I’m happy to say that I’m back on this project and am ready to finish it off. The time I was off has been really good for me. Not only I’ve learnt a new language and framework but also opened up a new perspective on how one should write applications. You have to have a certain mindset or coding style when developing application in Ruby on Rails.

One of the valuable things I’ve learnt about RoR was that the reason why it is so great, apart from the fact that it is written and maintained by very smart people, is that it favours convention over configuration thus making it very simple and clean. Therefore, all internal code changes that I’m about to make in Spritey will be about defining conventions.

I’ve also looked, critically, at the usability of this tool and the requirements that I defined a long, very long time ago. The most annoying and useless feature I found in all sprite sheet tools was the graphical representation of a sprite sheet that I blindly copied without giving it any thought. Why do I find it annoying and useless? Well, it occupies most of the space but doesn’t add any real value. It gives a user an idea about how a sprite sheet will look like but does the user even care? Sure, a user can select a sprite in a sprite sheet and change properties but the same can be achieved with selecting sprite in a tree. And from the implementation perspective, GEF hasn’t really met my expectation. Unfortunately, it doesn’t handle a large number of EditParts and requires a lot of code to integrate a framework-independent model with itself. Needless to say, I dropped the requirement for graphical representation of a sprite sheet. Overhead associated with implementing it overweighted the usefulness of this feature.

Another feature that I dropped was the property sheet. Again, I found no strong use cases for displaying properties. In fact, renaming a bulk of sprites via a property sheet is not what anyone would want to do.

After striping these two features off I was left with a very naked application. Implementing this tool as an RCP application became pointless and bulky, therefore, I decided to convert this application into a wizard, a single dialog with four steps. Step one, define sprite sheet properties. Step two, add sprites to a sprite sheet. Step three, rename sprites in bulk. Step four, save sprite sheet to a disk. Nice and simple!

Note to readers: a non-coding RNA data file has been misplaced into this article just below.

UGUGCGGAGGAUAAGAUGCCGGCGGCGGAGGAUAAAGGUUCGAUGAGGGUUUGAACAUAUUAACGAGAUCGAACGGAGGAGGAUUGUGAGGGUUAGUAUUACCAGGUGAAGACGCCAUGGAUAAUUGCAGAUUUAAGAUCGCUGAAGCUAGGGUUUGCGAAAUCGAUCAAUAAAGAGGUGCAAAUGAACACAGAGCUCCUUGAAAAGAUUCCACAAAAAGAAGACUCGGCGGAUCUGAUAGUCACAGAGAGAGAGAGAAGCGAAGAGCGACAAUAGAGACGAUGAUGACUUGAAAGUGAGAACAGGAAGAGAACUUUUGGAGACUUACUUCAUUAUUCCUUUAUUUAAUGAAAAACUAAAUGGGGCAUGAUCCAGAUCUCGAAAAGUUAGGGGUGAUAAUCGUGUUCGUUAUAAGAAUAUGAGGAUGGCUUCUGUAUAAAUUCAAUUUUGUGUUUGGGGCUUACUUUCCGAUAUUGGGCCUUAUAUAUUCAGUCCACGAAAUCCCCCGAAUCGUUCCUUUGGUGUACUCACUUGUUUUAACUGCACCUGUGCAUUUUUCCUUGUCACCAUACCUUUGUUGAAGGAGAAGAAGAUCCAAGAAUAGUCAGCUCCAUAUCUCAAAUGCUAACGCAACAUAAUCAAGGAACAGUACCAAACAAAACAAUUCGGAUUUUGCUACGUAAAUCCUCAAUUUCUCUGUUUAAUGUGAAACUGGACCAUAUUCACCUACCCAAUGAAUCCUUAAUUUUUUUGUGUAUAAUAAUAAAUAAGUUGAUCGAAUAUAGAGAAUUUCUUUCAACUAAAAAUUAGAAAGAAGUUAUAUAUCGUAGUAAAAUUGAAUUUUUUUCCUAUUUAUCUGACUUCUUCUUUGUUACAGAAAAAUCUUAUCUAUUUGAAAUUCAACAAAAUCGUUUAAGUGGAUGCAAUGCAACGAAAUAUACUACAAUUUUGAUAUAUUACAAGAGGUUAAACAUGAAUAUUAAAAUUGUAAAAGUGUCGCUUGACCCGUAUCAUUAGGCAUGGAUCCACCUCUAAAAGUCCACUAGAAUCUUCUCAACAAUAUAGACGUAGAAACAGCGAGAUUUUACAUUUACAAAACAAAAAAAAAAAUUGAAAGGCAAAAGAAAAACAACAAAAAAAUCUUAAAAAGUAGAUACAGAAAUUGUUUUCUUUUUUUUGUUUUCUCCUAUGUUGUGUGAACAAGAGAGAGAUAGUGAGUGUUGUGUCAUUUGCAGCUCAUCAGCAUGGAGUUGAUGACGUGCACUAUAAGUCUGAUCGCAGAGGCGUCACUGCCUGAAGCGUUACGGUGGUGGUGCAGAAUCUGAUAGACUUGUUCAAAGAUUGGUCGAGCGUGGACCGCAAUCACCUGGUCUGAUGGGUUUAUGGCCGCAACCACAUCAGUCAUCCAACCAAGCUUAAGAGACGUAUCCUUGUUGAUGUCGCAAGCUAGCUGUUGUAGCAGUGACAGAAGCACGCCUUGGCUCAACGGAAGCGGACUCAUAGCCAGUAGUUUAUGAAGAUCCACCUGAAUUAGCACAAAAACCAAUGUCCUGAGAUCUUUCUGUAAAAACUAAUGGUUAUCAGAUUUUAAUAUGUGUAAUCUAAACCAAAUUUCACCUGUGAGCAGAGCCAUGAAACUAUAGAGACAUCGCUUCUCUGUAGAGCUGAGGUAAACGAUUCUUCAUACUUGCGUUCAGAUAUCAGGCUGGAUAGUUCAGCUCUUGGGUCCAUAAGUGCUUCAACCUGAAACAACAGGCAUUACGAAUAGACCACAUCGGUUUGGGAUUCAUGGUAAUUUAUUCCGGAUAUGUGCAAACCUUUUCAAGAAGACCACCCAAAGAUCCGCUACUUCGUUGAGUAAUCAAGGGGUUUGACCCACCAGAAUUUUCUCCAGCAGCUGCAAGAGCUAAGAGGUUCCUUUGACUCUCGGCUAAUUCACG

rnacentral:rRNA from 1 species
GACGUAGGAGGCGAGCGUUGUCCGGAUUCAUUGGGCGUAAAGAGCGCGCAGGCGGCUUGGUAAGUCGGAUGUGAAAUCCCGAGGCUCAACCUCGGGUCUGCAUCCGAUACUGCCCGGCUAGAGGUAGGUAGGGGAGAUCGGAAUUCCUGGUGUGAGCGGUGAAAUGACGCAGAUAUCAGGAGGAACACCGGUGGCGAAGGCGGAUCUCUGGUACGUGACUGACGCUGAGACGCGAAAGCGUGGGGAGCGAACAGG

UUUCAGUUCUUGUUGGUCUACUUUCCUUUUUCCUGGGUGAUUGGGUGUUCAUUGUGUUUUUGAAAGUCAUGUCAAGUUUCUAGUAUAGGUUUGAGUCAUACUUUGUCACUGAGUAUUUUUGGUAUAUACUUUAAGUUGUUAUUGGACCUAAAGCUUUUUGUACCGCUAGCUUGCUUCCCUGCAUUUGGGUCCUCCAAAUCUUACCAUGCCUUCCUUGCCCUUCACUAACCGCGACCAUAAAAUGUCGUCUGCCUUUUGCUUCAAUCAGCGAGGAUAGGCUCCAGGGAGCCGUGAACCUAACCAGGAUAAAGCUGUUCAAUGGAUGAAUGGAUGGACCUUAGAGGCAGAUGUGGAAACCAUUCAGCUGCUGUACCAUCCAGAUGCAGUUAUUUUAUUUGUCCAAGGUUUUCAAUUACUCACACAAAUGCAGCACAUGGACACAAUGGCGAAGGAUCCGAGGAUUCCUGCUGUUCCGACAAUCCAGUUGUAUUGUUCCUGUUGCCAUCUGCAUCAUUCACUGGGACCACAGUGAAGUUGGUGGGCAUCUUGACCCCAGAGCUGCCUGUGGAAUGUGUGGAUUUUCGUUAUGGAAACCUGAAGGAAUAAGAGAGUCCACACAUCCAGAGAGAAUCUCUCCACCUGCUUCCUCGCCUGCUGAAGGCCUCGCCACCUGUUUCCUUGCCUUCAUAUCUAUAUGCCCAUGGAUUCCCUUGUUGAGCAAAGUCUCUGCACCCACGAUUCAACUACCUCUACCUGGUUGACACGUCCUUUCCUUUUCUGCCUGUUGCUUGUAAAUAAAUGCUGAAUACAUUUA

Facelift isn’t the only change I’m going to do with Spritey. I was very unhappy about how I handled validation failures in my RCP so I decided to refactor it while applying a coding by convention mentality. The reason why the old approach was so convoluted was because I wanted to make validators generic, therefore, making them unaware of which property they were validating. I had the ability to retrieve a message and an error code after validation failed but if I wanted to handle multiple failures I had to write a massive switch statement in order to identify which validation has failed before displaying an appropriate error message that came from RCP resource messages, messages that came from validators have actually never been used.

The ideal approach is to have the validation to return a property specific internationalized string which can be displayed directly to a user. To achieve this the property ids and the validation error codes were turned into strings. Doing this also improved readability and debugging. The convention now is the property id and validation error code have to be an upper case. Validation message comes from resource messages in the core. The resource key is a combination of property id and validation error code separated with an underscore. For example, if id of the name property is NAME and validation error code of a “not a string” is NOT_STRING then the resource key for the validation message is NAME_NOT_STRING. So, now when validation fails, model retrieves the error code and concatenates it with id of the property being validated to get the key of the resource string. It then gets the message from the resource bundle and stores it in the exception.